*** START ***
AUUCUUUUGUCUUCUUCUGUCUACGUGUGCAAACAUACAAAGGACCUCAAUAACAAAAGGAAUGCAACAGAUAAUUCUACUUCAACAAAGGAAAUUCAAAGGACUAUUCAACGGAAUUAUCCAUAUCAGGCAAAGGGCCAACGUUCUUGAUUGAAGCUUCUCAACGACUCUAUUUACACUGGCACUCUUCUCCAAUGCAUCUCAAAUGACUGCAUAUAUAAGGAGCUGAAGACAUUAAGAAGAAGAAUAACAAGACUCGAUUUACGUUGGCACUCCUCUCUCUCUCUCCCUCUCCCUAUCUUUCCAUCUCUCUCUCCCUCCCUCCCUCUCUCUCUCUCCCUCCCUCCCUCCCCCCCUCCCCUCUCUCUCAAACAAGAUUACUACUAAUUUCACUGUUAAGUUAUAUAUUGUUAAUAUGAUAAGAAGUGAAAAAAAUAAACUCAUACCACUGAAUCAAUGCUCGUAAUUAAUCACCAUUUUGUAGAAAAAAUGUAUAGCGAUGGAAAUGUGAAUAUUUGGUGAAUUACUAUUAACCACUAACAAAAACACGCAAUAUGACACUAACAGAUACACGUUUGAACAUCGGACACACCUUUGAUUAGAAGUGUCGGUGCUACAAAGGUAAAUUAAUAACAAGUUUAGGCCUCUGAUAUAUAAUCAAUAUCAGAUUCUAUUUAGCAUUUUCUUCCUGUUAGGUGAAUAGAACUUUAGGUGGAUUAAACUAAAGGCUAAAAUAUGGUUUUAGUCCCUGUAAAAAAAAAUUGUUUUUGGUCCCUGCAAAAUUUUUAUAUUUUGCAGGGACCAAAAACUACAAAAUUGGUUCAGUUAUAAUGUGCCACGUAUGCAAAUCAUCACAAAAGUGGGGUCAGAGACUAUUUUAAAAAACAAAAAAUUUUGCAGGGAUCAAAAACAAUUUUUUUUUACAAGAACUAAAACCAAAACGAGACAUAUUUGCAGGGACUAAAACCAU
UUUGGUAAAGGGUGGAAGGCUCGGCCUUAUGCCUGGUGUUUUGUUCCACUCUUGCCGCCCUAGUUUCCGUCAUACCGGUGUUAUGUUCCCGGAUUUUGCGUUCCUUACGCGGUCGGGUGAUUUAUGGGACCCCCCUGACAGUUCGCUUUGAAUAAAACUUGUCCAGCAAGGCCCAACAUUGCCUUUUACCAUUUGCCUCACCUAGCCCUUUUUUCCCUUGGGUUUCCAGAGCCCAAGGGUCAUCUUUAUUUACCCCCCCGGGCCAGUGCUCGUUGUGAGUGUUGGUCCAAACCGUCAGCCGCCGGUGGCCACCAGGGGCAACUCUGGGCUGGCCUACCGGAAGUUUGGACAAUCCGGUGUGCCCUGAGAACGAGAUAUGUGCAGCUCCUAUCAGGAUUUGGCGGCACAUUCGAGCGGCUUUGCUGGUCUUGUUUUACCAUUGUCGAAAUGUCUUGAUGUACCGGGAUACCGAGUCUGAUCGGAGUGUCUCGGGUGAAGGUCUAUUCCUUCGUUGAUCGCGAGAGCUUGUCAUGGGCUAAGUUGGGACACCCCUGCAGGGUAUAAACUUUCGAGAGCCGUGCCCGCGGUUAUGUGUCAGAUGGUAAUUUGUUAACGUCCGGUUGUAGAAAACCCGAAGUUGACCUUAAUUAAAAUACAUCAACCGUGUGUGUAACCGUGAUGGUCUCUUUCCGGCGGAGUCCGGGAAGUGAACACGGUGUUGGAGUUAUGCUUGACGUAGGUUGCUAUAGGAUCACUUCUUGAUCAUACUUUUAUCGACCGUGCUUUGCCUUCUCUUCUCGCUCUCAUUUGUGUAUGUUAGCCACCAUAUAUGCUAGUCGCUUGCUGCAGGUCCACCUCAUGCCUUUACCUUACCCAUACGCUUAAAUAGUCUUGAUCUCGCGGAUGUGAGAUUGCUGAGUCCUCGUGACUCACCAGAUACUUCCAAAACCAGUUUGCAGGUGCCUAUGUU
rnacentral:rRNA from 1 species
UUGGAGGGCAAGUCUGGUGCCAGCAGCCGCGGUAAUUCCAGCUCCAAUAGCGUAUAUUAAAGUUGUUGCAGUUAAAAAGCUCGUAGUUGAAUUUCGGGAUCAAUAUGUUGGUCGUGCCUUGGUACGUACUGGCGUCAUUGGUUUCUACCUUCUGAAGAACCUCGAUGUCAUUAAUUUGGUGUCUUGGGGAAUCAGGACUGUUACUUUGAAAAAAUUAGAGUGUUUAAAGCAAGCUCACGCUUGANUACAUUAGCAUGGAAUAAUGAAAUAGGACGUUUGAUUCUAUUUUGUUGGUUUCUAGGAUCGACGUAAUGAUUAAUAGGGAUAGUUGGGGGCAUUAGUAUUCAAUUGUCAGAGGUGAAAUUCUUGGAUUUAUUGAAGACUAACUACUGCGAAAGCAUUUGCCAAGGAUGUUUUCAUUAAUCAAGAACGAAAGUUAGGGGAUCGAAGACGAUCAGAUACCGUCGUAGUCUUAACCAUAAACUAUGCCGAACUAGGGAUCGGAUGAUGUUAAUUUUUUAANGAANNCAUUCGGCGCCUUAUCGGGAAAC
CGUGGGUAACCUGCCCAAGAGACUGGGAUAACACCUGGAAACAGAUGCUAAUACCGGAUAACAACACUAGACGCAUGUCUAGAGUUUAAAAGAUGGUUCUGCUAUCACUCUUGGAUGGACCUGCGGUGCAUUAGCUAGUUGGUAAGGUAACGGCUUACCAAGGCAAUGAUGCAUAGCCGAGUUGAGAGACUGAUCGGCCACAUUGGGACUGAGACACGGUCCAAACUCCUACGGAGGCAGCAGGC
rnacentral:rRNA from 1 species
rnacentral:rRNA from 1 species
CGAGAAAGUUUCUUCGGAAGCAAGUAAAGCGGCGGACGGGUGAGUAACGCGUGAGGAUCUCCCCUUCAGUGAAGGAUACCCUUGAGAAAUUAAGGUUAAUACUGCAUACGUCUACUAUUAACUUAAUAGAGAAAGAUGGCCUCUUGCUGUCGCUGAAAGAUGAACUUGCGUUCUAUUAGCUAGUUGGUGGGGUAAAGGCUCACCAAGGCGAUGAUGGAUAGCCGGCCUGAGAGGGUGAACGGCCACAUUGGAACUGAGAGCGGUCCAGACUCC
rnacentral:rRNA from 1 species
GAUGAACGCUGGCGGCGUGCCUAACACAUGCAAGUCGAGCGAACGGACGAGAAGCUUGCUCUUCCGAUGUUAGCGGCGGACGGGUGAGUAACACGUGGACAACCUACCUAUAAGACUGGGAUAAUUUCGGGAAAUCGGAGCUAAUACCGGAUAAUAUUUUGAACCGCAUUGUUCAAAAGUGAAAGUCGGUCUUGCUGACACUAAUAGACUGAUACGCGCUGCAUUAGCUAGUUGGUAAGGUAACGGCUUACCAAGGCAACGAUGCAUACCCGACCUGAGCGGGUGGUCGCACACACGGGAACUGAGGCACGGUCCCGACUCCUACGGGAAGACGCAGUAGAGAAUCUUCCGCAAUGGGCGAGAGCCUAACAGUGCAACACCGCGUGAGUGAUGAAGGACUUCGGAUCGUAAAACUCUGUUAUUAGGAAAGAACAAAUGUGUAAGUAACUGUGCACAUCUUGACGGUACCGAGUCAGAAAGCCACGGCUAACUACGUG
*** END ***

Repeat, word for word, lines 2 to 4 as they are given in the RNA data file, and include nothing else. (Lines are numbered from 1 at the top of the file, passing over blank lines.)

UUUGGUAAAGGGUGGAAGGCUCGGCCUUAUGCCUGGUGUUUUGUUCCACUCUUGCCGCCCUAGUUUCCGUCAUACCGGUGUUAUGUUCCCGGAUUUUGCGUUCCUUACGCGGUCGGGUGAUUUAUGGGACCCCCCUGACAGUUCGCUUUGAAUAAAACUUGUCCAGCAAGGCCCAACAUUGCCUUUUACCAUUUGCCUCACCUAGCCCUUUUUUCCCUUGGGUUUCCAGAGCCCAAGGGUCAUCUUUAUUUACCCCCCCGGGCCAGUGCUCGUUGUGAGUGUUGGUCCAAACCGUCAGCCGCCGGUGGCCACCAGGGGCAACUCUGGGCUGGCCUACCGGAAGUUUGGACAAUCCGGUGUGCCCUGAGAACGAGAUAUGUGCAGCUCCUAUCAGGAUUUGGCGGCACAUUCGAGCGGCUUUGCUGGUCUUGUUUUACCAUUGUCGAAAUGUCUUGAUGUACCGGGAUACCGAGUCUGAUCGGAGUGUCUCGGGUGAAGGUCUAUUCCUUCGUUGAUCGCGAGAGCUUGUCAUGGGCUAAGUUGGGACACCCCUGCAGGGUAUAAACUUUCGAGAGCCGUGCCCGCGGUUAUGUGUCAGAUGGUAAUUUGUUAACGUCCGGUUGUAGAAAACCCGAAGUUGACCUUAAUUAAAAUACAUCAACCGUGUGUGUAACCGUGAUGGUCUCUUUCCGGCGGAGUCCGGGAAGUGAACACGGUGUUGGAGUUAUGCUUGACGUAGGUUGCUAUAGGAUCACUUCUUGAUCAUACUUUUAUCGACCGUGCUUUGCCUUCUCUUCUCGCUCUCAUUUGUGUAUGUUAGCCACCAUAUAUGCUAGUCGCUUGCUGCAGGUCCACCUCAUGCCUUUACCUUACCCAUACGCUUAAAUAGUCUUGAUCUCGCGGAUGUGAGAUUGCUGAGUCCUCGUGACUCACCAGAUACUUCCAAAACCAGUUUGCAGGUGCCUAUGUU
rnacentral:rRNA from 1 species
UUGGAGGGCAAGUCUGGUGCCAGCAGCCGCGGUAAUUCCAGCUCCAAUAGCGUAUAUUAAAGUUGUUGCAGUUAAAAAGCUCGUAGUUGAAUUUCGGGAUCAAUAUGUUGGUCGUGCCUUGGUACGUACUGGCGUCAUUGGUUUCUACCUUCUGAAGAACCUCGAUGUCAUUAAUUUGGUGUCUUGGGGAAUCAGGACUGUUACUUUGAAAAAAUUAGAGUGUUUAAAGCAAGCUCACGCUUGANUACAUUAGCAUGGAAUAAUGAAAUAGGACGUUUGAUUCUAUUUUGUUGGUUUCUAGGAUCGACGUAAUGAUUAAUAGGGAUAGUUGGGGGCAUUAGUAUUCAAUUGUCAGAGGUGAAAUUCUUGGAUUUAUUGAAGACUAACUACUGCGAAAGCAUUUGCCAAGGAUGUUUUCAUUAAUCAAGAACGAAAGUUAGGGGAUCGAAGACGAUCAGAUACCGUCGUAGUCUUAACCAUAAACUAUGCCGAACUAGGGAUCGGAUGAUGUUAAUUUUUUAANGAANNCAUUCGGCGCCUUAUCGGGAAAC